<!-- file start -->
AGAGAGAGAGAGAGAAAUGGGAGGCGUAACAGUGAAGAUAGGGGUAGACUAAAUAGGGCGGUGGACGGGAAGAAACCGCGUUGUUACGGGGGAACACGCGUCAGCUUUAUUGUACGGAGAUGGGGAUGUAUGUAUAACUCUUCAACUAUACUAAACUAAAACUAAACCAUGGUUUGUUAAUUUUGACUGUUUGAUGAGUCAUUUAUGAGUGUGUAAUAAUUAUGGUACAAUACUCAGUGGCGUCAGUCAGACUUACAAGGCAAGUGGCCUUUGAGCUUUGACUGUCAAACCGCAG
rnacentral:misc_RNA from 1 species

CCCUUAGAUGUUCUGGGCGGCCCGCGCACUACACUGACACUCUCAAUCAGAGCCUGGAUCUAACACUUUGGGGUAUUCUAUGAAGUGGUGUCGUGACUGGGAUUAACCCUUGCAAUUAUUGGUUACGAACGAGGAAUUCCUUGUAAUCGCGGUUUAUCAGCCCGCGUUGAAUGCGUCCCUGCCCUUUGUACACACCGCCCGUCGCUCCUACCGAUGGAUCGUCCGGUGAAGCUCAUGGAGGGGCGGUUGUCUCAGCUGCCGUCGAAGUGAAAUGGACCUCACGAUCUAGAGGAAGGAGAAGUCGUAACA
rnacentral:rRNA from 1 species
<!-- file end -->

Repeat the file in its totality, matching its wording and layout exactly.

AGAGAGAGAGAGAGAAAUGGGAGGCGUAACAGUGAAGAUAGGGGUAGACUAAAUAGGGCGGUGGACGGGAAGAAACCGCGUUGUUACGGGGGAACACGCGUCAGCUUUAUUGUACGGAGAUGGGGAUGUAUGUAUAACUCUUCAACUAUACUAAACUAAAACUAAACCAUGGUUUGUUAAUUUUGACUGUUUGAUGAGUCAUUUAUGAGUGUGUAAUAAUUAUGGUACAAUACUCAGUGGCGUCAGUCAGACUUACAAGGCAAGUGGCCUUUGAGCUUUGACUGUCAAACCGCAG
rnacentral:misc_RNA from 1 species

CCCUUAGAUGUUCUGGGCGGCCCGCGCACUACACUGACACUCUCAAUCAGAGCCUGGAUCUAACACUUUGGGGUAUUCUAUGAAGUGGUGUCGUGACUGGGAUUAACCCUUGCAAUUAUUGGUUACGAACGAGGAAUUCCUUGUAAUCGCGGUUUAUCAGCCCGCGUUGAAUGCGUCCCUGCCCUUUGUACACACCGCCCGUCGCUCCUACCGAUGGAUCGUCCGGUGAAGCUCAUGGAGGGGCGGUUGUCUCAGCUGCCGUCGAAGUGAAAUGGACCUCACGAUCUAGAGGAAGGAGAAGUCGUAACA
rnacentral:rRNA from 1 species